There are numerous logistical and regulatory factors pharmaceutical companies must consider when seeking to sell products in Latin America.

If not correctly managed, these factors can extend production and distribution timelines to months and even years, leading to product shortages and depriving patients of much-needed treatments. There may be a long wait for life-saving treatments or supplies may run out entirely.

The chart below only breaches the surface of some of the challenges that may be faced. However, with challenge comes opportunity. Despite the complexities, Latin America offers great opportunities for pharmaceutical manufacturers to support broader patient populations and increase ROI.

Latin America boasts large patient populations with high demand for world-class products, and the pharmaceutical market in this region is growing rapidly. Some project that the Latin America pharmaceutical market will grow with a CAGR of 7% through 2023 and reach a total value of US$76bn. The ageing population in this region also plays a role, with projections showing the 65+ population will double across the next 30 years.

Additionally, larger Latin American countries are taking steps to expedite licensing, registration and commercialization processes, elevate healthcare systems and increase transparency and opportunity through new technology.

Anvisa is now a member of the Pharmaceutical Inspection Co-operation Scheme (PIC/S), allowing Brazil to accept product inspections from some health authorities outside of the country. This makes the registration process even more efficient, waiving the on-site inspection requirement and ultimately saving companies time, money and valuable resources.

The Health Authority in Mexico, COFEPRIS, has unveiled a new platform called Trackerpris. This tool provides valuable information such as approved drugs and links to search registrations, information on the Committee of New Molecules, approved vaccines and more. This offers the population more transparency and additional tools to inform and educate.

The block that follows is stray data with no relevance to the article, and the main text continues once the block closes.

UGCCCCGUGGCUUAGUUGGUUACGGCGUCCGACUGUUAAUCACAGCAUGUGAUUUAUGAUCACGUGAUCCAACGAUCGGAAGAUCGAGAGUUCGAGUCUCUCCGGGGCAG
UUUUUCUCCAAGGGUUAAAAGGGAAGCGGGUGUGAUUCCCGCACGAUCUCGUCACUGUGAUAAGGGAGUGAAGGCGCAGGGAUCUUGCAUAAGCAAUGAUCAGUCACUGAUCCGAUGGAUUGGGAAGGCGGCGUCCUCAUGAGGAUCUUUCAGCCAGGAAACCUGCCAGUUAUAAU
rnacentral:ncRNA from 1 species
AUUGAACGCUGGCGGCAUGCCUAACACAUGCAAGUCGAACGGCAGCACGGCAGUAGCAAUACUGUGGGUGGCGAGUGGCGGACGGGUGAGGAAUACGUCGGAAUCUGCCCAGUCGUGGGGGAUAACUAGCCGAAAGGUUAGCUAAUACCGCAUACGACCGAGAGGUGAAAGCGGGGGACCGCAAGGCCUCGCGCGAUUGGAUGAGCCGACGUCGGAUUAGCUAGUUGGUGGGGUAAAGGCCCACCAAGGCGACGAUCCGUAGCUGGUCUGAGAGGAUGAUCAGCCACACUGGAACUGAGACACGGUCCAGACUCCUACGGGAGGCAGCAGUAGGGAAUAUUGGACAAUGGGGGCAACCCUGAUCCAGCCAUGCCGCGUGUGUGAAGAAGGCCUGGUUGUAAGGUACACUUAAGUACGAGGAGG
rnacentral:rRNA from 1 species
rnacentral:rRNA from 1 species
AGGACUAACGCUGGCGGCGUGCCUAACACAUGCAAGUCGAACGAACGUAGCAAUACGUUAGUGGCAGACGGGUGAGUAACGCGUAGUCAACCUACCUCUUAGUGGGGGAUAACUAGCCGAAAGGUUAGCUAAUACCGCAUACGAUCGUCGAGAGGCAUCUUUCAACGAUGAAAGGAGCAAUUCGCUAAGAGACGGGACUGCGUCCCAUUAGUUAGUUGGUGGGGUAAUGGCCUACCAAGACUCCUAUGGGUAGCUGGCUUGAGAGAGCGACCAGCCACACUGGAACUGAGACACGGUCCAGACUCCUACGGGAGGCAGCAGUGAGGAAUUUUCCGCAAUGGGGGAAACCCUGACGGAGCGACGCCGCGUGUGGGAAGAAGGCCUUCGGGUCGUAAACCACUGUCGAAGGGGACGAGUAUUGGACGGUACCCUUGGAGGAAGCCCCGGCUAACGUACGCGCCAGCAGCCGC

Handling regulatory issues in Latin America

Regulations add a considerable layer of complexity to getting medical products into a Latin American country. Unlike the European Union, for example, there are regular instances in Latin America where neighboring countries operate under a completely different set of rules and regulations.

On paper, a pharma company may have taken care of everything they can control such as production and distribution. Yet severe delays can be caused by the interpretation of regulations by authorities in particular countries. Knowing how authorities in these countries interpret and apply these laws is crucial, with success almost always dependent on previous experience.

“The law may state something, but local authorities and international companies may interpret it differently. The companies that have already worked in the region and know how the system functions will be able to understand how the residing authorities will evaluate a specific matter,” adds Cortez.

Product acquisition considerations

Challenges in product registration and commercialization can also be heightened by acquisitions, especially if the acquiring company does not have access to or experience in certain markets. An acquisition and a change in supplier can sometimes mean that a medical product that has previously had regulatory approval in an area technically becomes a new product for that particular market.